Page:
Joining the list of European nations that have expressed apprehension about the communications blackout in Jammu and Kashmir, Sweden has urged the Modi Government to end restrictions in volatile region.
India has ignored criticism of the situation in Jammu and Kashmir, asserting revoking special status of the volatile region is purely ‘internal matter’. Except for a controversial visit by a group of far-right members of the European Parliament, diplomats have so far not been allowed to travel to Kashmir.
Sweden’s Foreign Minister Ann Linde, who will be part of a delegation accompanying King Carl XVI Gustaf and Queen Silvia on a state visit to India told the Swedish parliament that the country did not want the situation to escalate in Kashmir and that any long-term political solution must involve Kashmiris.
Answering a question in the parliament, Linde described the situation in Kashmir as “worrying” and said Sweden and the European Union (EU) supported a “bilateral political solution through contacts between India and Pakistan”.
“We emphasise the importance of respect for human rights, that an escalation of the situation in Kashmir is avoided and that a long-term political solution to the situation must involve Kashmir’s inhabitants. Dialogue between India and Pakistan is crucial,” she said.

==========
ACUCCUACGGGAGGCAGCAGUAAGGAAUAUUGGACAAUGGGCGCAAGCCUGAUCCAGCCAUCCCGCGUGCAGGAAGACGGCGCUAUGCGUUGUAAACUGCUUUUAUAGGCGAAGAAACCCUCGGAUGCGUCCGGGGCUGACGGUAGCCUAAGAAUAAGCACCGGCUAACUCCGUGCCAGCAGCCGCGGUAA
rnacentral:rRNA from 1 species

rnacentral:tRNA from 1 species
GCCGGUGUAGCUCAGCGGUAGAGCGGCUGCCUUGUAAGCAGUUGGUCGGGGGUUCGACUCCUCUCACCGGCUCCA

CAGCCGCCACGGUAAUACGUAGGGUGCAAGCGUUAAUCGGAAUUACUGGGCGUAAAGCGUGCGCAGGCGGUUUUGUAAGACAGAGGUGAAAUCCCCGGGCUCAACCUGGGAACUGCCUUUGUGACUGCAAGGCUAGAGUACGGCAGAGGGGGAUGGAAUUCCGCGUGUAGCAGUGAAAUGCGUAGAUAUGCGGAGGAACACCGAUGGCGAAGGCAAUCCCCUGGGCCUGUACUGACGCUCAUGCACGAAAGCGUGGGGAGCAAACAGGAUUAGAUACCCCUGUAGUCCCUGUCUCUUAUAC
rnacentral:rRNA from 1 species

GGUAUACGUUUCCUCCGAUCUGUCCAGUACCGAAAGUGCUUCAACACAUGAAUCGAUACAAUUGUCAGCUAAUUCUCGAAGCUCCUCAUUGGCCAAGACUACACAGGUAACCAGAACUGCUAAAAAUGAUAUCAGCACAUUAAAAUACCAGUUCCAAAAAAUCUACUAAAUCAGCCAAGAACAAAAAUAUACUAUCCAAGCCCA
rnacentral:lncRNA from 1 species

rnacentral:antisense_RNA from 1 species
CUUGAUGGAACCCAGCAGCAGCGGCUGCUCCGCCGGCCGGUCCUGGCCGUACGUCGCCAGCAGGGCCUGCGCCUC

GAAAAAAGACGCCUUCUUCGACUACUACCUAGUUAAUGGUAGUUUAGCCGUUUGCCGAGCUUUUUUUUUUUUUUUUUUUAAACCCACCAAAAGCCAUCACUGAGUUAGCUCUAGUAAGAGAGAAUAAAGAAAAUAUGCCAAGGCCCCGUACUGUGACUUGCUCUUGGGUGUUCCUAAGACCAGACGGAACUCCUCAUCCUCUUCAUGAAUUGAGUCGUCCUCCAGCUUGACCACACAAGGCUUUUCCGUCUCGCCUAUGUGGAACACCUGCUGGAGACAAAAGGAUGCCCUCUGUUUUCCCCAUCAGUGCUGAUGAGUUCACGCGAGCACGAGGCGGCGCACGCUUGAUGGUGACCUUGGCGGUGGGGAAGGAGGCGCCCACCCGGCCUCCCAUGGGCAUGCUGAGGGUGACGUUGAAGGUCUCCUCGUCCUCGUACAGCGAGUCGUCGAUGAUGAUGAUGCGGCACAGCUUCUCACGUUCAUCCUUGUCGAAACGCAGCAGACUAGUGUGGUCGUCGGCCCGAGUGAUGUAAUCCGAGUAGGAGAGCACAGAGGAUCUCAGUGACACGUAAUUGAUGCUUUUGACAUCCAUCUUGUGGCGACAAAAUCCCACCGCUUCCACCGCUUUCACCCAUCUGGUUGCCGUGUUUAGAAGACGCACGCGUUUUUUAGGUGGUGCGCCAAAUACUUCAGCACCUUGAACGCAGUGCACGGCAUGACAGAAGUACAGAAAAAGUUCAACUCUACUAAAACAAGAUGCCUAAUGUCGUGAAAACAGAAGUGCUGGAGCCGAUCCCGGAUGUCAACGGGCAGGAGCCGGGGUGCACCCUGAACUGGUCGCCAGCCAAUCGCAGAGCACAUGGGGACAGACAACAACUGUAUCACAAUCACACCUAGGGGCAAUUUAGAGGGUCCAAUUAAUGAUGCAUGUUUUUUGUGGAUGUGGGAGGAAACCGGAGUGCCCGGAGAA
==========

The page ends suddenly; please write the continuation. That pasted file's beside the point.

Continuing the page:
Swedish Ambassador in New Delhi Klas Molin, in a recent interview, also said that his country and the EU have a “principled” view on Kashmir. “We know it’s longstanding, it goes back decades and I think we also have said consistently that because it is historically bilateral in nature, it can only be solved reasonably through negotiations and discussions between the two concerned parties, India and Pakistan.”
Molin also said diplomats should be allowed to visit Kashmir to assess the situation for themselves. “I think it’s in the nature of the beast that is the curious diplomat to travel in the country of assignment. So I would personally love to visit Kashmir for all kinds of reasons and engage as we do in other parts of India with the population, with politicians and civil society,” he said.
Meanwhile, Sweden is conducting an ambitious “government-to-government” multibillion-dollar deal to offer Saab’s Gripen-NG fighter to India which New Delhi had almost sidelines for now.
Saab was part of a Swedish government-funded high-powered trade group consisting many of Sweden’s leading industrial corporations, including Ericsson, Volvo, ABB, Scania and BAE Systems Hägglunds AB.
Sweden’s King Carl XVI Gustaf and Queen Silvia are expected to visit India accompanied by a delegation that includes foreign minister Ann Linde and business and innovation minister Ibrahim Baylan to pitch in trade and defence ties.
Saab is among the defence firms who responded to the Indian Air Force’s 2018 initial tender for 114 multi-role combat jets to be manufactured in India along with a partnership between a domestic company and a foreign manufacturer. The other contenders were France’s Rafale, F/A-18 and F-21 of the US, MiG-35 and Sukhoi-35 of Russia, and Eurofighter Typhoon.